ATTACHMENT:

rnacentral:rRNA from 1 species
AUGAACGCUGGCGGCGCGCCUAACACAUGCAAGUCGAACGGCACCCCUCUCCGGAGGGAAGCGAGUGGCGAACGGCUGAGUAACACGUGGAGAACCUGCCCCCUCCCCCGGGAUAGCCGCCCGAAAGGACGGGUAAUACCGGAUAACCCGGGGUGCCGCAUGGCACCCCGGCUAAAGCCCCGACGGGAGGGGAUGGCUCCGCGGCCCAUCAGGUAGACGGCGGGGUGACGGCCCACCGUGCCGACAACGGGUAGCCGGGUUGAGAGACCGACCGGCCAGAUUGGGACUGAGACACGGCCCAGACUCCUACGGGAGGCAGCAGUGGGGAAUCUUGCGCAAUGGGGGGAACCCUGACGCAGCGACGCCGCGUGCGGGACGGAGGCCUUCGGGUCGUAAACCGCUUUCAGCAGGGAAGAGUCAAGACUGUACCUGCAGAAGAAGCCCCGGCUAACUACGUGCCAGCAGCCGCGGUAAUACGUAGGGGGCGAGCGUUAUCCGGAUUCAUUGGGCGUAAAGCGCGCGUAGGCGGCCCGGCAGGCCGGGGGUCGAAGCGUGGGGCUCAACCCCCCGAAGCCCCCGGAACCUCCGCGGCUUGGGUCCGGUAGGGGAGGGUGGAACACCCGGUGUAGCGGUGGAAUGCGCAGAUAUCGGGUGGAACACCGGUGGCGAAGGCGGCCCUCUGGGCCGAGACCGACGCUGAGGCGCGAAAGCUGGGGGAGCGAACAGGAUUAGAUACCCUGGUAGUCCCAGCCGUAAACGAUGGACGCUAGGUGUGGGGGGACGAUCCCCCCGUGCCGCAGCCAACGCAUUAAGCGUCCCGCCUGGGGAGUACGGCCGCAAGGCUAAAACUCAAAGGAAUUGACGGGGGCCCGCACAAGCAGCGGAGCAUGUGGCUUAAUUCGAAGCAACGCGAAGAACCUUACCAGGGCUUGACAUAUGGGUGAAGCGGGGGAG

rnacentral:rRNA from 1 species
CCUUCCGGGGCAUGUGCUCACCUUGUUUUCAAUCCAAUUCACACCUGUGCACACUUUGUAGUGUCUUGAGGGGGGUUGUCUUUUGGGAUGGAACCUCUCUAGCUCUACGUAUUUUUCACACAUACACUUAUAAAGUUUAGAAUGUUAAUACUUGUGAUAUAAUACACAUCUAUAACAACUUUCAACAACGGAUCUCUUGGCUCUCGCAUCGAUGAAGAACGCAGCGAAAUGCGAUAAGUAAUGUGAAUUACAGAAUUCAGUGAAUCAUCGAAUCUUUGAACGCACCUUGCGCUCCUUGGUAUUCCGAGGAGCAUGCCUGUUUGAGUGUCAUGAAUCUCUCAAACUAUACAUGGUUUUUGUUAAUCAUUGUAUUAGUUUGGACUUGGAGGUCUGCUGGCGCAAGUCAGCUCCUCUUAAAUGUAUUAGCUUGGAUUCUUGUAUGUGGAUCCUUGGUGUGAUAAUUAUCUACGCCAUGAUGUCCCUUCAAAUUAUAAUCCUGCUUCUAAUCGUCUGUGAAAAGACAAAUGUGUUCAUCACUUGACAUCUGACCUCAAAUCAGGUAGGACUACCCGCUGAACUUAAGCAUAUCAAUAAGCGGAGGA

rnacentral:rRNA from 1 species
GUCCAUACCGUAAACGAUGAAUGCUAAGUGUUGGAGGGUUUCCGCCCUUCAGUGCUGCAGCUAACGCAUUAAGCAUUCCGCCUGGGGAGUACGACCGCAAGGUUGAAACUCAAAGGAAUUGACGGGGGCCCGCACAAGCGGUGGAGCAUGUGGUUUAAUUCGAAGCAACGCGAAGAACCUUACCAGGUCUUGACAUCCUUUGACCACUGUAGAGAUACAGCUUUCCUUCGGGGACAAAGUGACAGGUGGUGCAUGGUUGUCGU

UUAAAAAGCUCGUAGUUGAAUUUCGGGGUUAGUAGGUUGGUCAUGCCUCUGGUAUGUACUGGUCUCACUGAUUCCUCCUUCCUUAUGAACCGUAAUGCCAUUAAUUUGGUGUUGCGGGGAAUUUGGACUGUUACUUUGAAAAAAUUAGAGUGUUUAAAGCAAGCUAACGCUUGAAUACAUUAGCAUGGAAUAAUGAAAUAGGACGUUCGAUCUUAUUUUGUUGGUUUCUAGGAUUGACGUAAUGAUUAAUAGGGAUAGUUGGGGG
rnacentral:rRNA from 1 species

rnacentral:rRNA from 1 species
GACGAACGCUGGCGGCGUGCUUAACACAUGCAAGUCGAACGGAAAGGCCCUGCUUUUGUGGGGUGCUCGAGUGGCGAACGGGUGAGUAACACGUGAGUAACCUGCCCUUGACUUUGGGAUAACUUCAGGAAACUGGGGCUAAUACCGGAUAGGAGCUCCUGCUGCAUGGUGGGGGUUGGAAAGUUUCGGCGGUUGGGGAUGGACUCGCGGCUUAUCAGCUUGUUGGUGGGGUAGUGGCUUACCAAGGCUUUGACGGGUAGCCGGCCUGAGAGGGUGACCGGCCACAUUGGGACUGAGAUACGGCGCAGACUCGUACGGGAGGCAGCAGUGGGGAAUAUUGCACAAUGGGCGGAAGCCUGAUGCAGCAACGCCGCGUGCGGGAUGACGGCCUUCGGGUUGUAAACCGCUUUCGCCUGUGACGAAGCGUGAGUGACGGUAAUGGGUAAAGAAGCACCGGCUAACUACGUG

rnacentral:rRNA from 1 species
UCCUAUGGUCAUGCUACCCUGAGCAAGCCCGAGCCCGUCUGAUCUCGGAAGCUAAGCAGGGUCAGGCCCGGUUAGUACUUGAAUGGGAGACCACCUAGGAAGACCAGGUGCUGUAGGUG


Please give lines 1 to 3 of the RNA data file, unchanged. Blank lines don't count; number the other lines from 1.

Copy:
rnacentral:rRNA from 1 species
AUGAACGCUGGCGGCGCGCCUAACACAUGCAAGUCGAACGGCACCCCUCUCCGGAGGGAAGCGAGUGGCGAACGGCUGAGUAACACGUGGAGAACCUGCCCCCUCCCCCGGGAUAGCCGCCCGAAAGGACGGGUAAUACCGGAUAACCCGGGGUGCCGCAUGGCACCCCGGCUAAAGCCCCGACGGGAGGGGAUGGCUCCGCGGCCCAUCAGGUAGACGGCGGGGUGACGGCCCACCGUGCCGACAACGGGUAGCCGGGUUGAGAGACCGACCGGCCAGAUUGGGACUGAGACACGGCCCAGACUCCUACGGGAGGCAGCAGUGGGGAAUCUUGCGCAAUGGGGGGAACCCUGACGCAGCGACGCCGCGUGCGGGACGGAGGCCUUCGGGUCGUAAACCGCUUUCAGCAGGGAAGAGUCAAGACUGUACCUGCAGAAGAAGCCCCGGCUAACUACGUGCCAGCAGCCGCGGUAAUACGUAGGGGGCGAGCGUUAUCCGGAUUCAUUGGGCGUAAAGCGCGCGUAGGCGGCCCGGCAGGCCGGGGGUCGAAGCGUGGGGCUCAACCCCCCGAAGCCCCCGGAACCUCCGCGGCUUGGGUCCGGUAGGGGAGGGUGGAACACCCGGUGUAGCGGUGGAAUGCGCAGAUAUCGGGUGGAACACCGGUGGCGAAGGCGGCCCUCUGGGCCGAGACCGACGCUGAGGCGCGAAAGCUGGGGGAGCGAACAGGAUUAGAUACCCUGGUAGUCCCAGCCGUAAACGAUGGACGCUAGGUGUGGGGGGACGAUCCCCCCGUGCCGCAGCCAACGCAUUAAGCGUCCCGCCUGGGGAGUACGGCCGCAAGGCUAAAACUCAAAGGAAUUGACGGGGGCCCGCACAAGCAGCGGAGCAUGUGGCUUAAUUCGAAGCAACGCGAAGAACCUUACCAGGGCUUGACAUAUGGGUGAAGCGGGGGAG

rnacentral:rRNA from 1 species